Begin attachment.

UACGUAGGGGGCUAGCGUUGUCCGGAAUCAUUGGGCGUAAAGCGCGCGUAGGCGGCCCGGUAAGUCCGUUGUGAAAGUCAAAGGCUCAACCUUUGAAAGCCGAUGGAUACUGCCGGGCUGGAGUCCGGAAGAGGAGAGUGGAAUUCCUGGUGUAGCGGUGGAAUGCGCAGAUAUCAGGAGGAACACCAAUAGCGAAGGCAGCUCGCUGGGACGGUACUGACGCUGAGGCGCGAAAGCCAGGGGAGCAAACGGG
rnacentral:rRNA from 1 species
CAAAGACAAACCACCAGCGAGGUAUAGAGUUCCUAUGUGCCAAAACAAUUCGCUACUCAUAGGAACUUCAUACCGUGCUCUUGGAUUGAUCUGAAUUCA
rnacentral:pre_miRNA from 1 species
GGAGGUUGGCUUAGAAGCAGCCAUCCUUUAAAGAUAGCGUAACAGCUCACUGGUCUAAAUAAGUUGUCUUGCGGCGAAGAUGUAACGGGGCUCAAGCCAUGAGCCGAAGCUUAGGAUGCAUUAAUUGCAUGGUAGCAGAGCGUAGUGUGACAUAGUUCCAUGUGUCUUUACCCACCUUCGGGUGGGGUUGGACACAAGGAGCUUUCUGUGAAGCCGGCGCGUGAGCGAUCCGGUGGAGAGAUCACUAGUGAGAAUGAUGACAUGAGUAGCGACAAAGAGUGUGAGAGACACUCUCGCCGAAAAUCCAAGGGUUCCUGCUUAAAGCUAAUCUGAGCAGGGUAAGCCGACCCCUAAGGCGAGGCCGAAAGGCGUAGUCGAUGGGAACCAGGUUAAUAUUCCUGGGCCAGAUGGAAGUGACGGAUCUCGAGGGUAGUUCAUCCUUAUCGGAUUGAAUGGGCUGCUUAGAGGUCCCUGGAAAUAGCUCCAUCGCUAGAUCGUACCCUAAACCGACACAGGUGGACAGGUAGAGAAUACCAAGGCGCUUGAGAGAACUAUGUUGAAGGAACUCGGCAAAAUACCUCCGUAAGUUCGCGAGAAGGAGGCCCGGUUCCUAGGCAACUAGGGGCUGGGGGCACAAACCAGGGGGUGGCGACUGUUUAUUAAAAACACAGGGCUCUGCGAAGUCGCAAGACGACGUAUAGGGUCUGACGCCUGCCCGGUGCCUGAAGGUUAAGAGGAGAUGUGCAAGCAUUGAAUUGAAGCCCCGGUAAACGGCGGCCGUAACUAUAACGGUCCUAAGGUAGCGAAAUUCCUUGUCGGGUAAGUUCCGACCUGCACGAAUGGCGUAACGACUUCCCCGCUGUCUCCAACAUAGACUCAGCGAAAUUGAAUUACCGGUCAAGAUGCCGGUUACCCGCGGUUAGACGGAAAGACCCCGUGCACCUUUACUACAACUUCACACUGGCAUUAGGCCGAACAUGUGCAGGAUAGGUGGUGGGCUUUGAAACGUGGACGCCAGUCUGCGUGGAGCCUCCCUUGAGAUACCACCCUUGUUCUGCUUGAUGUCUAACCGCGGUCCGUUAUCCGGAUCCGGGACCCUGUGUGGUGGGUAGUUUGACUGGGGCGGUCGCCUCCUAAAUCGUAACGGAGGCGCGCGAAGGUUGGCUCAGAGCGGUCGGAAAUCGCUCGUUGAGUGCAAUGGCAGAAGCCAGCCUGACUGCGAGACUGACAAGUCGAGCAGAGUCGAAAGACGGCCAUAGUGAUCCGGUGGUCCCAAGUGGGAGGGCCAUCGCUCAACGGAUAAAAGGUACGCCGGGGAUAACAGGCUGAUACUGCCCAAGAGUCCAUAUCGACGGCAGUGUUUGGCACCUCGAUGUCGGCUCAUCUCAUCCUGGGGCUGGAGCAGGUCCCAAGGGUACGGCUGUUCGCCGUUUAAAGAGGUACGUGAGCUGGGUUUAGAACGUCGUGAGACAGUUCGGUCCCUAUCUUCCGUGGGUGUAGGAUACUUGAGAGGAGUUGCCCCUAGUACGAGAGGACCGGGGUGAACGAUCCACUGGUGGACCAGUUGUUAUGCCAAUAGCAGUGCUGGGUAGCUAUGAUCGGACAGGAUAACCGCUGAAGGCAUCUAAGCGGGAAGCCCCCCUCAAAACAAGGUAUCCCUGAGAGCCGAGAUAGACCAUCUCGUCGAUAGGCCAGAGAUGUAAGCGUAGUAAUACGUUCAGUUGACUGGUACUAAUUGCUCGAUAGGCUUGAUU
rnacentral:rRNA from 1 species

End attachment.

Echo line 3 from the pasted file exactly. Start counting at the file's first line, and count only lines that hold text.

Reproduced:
CAAAGACAAACCACCAGCGAGGUAUAGAGUUCCUAUGUGCCAAAACAAUUCGCUACUCAUAGGAACUUCAUACCGUGCUCUUGGAUUGAUCUGAAUUCA